1. Jesus’ words were almost certainly a reference to Proverbs 25:6-7, where the wise man gave some pertinent social advice. Don’t set yourself up to be humiliated. But Jesus’ remarks are more than just social etiquette. He is addressing a problem of the heart.
2. Jesus uses the analogy of a “wedding feast (v. 8). Different type of feast than they were attending. It may be that this was an analogy to the position of the Pharisees and scribes who had taken the chief seats” among the people in the kingdom. But Jesus would demote them. They needed some humility. One writer comments… The Master of the messianic banquet was indeed before them, and he was confronted with the harsh necessity of demoting the proud, arrogant, and unspiritual priests from the chief seats they had usurped and conveying them to “publicans and harlots” instead, such persons being more honorable than the usurpers. A decent humility on the part of the ruling priesthood would have saved them the shame which came upon them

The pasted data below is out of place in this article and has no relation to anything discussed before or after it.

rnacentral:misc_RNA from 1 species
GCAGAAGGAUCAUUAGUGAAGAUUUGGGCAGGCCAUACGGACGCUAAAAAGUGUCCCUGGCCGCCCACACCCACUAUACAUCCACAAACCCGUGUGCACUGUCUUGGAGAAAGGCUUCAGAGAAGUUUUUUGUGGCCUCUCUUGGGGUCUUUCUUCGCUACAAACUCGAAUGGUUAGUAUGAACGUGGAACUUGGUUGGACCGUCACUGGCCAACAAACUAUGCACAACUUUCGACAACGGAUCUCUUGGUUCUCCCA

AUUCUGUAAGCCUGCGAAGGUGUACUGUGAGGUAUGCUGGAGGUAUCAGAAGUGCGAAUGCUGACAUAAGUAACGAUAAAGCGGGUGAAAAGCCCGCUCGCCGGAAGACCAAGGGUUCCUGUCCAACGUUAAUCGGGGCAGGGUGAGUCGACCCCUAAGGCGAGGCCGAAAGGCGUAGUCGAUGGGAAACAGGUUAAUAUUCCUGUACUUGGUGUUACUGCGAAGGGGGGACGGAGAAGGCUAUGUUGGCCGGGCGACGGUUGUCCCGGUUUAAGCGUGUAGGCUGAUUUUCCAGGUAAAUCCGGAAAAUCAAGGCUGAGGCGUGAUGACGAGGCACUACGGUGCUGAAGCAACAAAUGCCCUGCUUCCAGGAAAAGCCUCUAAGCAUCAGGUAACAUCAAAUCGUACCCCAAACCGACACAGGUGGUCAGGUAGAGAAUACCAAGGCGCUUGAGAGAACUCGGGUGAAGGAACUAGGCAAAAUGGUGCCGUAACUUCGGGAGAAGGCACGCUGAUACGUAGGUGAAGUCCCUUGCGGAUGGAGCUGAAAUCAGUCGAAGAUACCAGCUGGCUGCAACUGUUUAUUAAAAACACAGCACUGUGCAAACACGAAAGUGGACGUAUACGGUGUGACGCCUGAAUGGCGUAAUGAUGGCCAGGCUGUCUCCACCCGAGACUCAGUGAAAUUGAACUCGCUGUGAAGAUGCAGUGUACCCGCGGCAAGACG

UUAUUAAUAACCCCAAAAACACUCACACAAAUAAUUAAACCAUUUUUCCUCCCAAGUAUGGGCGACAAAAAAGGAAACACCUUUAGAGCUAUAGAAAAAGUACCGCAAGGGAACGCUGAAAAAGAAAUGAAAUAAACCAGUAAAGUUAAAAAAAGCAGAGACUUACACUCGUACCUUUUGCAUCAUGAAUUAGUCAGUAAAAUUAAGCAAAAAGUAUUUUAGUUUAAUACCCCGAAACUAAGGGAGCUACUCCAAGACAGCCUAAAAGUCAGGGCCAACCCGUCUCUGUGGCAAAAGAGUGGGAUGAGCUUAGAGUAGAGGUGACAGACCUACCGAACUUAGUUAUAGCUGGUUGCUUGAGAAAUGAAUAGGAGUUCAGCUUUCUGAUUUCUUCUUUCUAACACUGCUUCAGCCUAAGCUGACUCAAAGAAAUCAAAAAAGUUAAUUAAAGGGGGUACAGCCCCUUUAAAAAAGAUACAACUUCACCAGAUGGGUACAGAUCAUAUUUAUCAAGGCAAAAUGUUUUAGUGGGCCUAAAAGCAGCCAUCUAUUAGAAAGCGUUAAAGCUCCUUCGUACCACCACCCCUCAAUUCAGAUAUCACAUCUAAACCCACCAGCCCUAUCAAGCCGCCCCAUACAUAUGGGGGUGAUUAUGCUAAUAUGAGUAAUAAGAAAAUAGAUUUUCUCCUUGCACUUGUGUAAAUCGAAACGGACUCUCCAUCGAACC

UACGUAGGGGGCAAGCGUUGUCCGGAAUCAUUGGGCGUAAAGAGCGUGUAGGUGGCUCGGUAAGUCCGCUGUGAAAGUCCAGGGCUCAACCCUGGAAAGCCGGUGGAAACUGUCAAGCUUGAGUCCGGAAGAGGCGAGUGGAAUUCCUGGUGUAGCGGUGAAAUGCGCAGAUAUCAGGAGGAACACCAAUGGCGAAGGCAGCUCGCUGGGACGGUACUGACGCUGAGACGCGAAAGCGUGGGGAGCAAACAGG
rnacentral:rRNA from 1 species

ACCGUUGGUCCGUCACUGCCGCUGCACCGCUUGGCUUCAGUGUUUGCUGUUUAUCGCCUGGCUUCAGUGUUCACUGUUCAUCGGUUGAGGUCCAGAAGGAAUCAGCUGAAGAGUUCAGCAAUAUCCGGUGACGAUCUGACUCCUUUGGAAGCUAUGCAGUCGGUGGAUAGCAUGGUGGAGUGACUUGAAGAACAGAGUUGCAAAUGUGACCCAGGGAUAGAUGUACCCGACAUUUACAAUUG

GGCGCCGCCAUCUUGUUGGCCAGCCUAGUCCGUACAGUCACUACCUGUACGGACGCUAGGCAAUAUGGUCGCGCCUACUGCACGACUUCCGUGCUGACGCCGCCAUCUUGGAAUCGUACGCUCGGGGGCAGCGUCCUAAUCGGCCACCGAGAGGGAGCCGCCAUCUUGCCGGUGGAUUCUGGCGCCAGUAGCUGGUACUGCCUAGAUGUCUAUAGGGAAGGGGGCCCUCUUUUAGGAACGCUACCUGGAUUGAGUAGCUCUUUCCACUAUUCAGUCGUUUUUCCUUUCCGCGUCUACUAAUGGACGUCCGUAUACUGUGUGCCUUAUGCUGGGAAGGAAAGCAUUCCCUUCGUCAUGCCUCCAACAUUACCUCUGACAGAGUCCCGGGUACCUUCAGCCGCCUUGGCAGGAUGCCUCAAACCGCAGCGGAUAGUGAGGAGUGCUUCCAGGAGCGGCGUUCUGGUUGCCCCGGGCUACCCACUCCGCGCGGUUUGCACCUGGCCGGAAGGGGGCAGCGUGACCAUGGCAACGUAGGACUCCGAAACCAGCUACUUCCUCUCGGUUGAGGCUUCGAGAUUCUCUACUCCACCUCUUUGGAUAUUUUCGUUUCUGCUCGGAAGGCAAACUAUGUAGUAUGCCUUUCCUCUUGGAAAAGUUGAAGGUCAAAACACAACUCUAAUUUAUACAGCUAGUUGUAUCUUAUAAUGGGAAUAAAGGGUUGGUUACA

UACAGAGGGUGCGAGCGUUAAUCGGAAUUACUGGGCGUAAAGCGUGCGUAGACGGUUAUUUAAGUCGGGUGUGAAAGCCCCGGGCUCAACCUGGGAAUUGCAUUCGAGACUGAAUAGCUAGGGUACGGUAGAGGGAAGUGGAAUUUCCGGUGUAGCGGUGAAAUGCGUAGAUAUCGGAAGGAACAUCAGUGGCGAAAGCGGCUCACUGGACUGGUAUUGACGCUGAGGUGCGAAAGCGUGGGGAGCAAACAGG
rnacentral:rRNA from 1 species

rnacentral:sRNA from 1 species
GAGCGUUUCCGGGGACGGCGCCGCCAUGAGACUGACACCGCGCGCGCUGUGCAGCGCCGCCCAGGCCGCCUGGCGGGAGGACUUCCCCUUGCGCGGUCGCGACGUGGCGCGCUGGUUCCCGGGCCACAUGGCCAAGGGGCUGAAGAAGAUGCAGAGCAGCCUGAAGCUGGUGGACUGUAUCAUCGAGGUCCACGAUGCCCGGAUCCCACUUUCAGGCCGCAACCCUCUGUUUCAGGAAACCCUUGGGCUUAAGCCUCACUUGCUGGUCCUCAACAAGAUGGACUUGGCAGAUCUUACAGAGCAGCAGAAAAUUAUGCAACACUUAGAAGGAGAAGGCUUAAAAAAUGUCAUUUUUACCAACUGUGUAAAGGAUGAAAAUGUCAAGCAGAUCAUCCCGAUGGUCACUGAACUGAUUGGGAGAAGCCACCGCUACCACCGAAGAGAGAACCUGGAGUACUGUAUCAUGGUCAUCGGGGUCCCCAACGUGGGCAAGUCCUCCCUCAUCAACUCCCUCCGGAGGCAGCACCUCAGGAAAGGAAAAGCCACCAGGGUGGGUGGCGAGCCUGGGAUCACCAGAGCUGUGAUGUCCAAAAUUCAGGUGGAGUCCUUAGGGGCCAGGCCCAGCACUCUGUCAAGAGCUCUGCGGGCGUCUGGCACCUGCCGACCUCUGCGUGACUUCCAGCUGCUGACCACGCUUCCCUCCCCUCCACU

I. “Do not sit in the best place” – this is where everyone wanted to sit. There were different arrangements of sitting from the Romans, Greeks, and the Jewish assemblies, but they all had the chief seats. In the synagogue the one in the center was the best, the one on the right was second, the one on the left was third. If you sit in the best seat, someone greater than you may come and you will be “out of place” (v.8) The Jewish leaders could not conceive of someone more deserving.
A. Take the Last Place: Verse 10 says, “But when you are invited, go and recline at the last place…” This was not easy to follow. Even if you thought you were not the most important person there and deserved the first row, you certainly did not deserve to sit in the last seat.